I recently finished reading Kathleen Norris’s book, Dakota: A Spiritual Geography. It was recommended to me by my friend Grace, and I was delighted to find a copy readily available from my local library. It was a quick, smooth read for me. The book was more essay than narrative. More poetic sketches of the landscape and the people of the Dakotas than any sort of comprehensive story. Still, it was lovely. A fascinating portrait of a fascinating part of the world.
Kathleen Norris weaves several different threads to craft this book. Each of them are beautiful in their own right. But woven together, they create a complex, colorful portrait of the Western Dakotas.
One primary thread is the story of the region we now call North and South Dakota. I knew the area was vast and sparsely populated, but Norris spelled it out in a compelling way when she wrote, “The Dakotas are America’s Empty Quarter, with a population of about one and a third million people, roughly one fifth of the population of New York City, or a third that of Los Angeles, or a little less than half that of Chicago, spread over an area almost the size of California, and three times larger than New York State.” Later in that same chapter, she wrote, “Eleven counties in South Dakota now meet the traditional definition of frontier, places having two or fewer persons per square mile.”
Norris makes keen observations about the people of the Dakotas, too. Both admirable qualities and questionable qualities. Her reflection of life in the Dakotas is not always as sunny as the big prairie skies. In one part of the book, she writes, “By the time a town is seventy-five or one hundred years old, it may be filled with those who have come to idealize their isolation. Often these are people who never left at all, or fled back to the safety of the town after a try at college a few hundred miles from home, or returned after college regarding the values of the broader, more pluralistic world they had encountered as something to protect themselves and their families from.” Still, even her sharpest critiques of the people are tempered by the fact that she clearly admires them. And she is one of them.
Norris’s grandparents left her their house in Lemmon, South Dakota, when they died. So Norris and her husband moved there in early-adulthood, and they’ve intertwined their stories with the story of the region. I was expecting this autobiographical element to be a more major thread of the book. However, she seems to prefer revealing just enough of herself that she can be verified as a credible witness.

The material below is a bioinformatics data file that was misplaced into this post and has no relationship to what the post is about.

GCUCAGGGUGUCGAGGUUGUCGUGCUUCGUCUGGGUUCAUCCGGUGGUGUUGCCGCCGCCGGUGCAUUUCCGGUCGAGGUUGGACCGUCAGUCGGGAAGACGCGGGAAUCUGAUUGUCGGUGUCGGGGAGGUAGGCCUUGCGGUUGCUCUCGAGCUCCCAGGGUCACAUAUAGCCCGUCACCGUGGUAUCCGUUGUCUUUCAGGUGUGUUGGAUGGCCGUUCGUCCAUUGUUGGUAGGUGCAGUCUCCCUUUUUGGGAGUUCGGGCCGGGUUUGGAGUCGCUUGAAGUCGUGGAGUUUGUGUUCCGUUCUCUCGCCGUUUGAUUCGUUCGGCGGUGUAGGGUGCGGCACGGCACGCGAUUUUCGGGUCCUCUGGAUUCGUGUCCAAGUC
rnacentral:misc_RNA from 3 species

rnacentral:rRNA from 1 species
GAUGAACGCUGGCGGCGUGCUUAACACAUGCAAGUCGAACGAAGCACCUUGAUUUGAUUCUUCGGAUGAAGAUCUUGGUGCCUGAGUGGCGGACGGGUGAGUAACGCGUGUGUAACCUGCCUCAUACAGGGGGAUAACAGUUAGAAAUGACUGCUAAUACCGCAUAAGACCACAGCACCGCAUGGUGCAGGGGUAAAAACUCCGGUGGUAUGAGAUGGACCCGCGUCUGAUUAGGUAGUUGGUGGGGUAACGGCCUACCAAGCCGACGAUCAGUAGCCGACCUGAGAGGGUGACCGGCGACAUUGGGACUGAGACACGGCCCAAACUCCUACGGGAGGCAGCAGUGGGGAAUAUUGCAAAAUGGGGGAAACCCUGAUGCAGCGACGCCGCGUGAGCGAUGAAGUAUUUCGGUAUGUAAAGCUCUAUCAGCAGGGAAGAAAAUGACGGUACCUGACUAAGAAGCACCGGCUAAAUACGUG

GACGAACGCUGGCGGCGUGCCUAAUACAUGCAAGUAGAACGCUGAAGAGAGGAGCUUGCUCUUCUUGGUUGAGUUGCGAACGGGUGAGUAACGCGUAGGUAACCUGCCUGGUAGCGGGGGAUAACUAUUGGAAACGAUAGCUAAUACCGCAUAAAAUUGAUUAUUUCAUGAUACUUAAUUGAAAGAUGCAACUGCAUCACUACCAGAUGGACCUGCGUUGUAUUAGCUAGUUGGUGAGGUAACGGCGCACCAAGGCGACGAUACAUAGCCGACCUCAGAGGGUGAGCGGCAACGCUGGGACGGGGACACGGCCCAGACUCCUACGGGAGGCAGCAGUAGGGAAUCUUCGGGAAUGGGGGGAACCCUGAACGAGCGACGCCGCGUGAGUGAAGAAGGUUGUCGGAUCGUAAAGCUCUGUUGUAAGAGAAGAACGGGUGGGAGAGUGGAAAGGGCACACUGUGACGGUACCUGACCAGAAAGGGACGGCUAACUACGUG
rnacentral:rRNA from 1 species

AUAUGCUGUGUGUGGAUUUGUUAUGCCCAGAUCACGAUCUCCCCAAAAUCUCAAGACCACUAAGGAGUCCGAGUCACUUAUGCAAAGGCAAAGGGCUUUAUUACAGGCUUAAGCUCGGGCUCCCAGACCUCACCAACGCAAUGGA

Doubtless, there is far more of Kathleen Norris in this book than meets the eye. But my reading of this book left me wondering more about her story. Which is probably better than getting overwhelmed by any sort of narcissism or navel-gazing. Still, when she says something like, “Maybe the desert wisdom of the Dakotas can teach us to love anyway, to love what is dying, in the face of death, and not pretend that things are other than they are” — I’d kind of like to know more of the backstory. But maybe that’s what her other books are for!
The author’s Christian faith is another intriguing (though underdeveloped) thread of the book. It seems like she may not have taken ownership for her heritage of faith until she moved to the Dakotas. She seems to be most at home within the Presbyterian Church. But she also seems to gravitate towards some of the traditions from Catholicism. Particularly Benedictine Monasticism. The Benedictines make regular appearances throughout the book, as Norris visits various monasteries and abbeys for her own spiritual health, and the people living in these intentional communities end up serving as some of the most compelling figures.
At one point, Norris writes that, “It may be fashionable to assert that all is holy, but not many are willing to haul ass to church four or five times a day to sing about it. It’s not for the faint of heart.” And I just love the way that she doesn’t just tell us this; she consistently shows this. The stories from Dakota reminded me of what I experienced the one time I visited a Benedictine monastery twelve years ago. And they made me want to prioritize another spiritual retreat to a Benedictine monastery sometime soon.
I’d recommend this book to anyone who loves the Great Plains like I do… to anyone who is intrigued by Benedictine Monasticism… and to anyone who appreciates contemplative, creative prose. Honestly, even if you just read the periodic, one-page Weather Reports, it would give you a powerful picture of this part of the world. Let me know if you ever give it a read.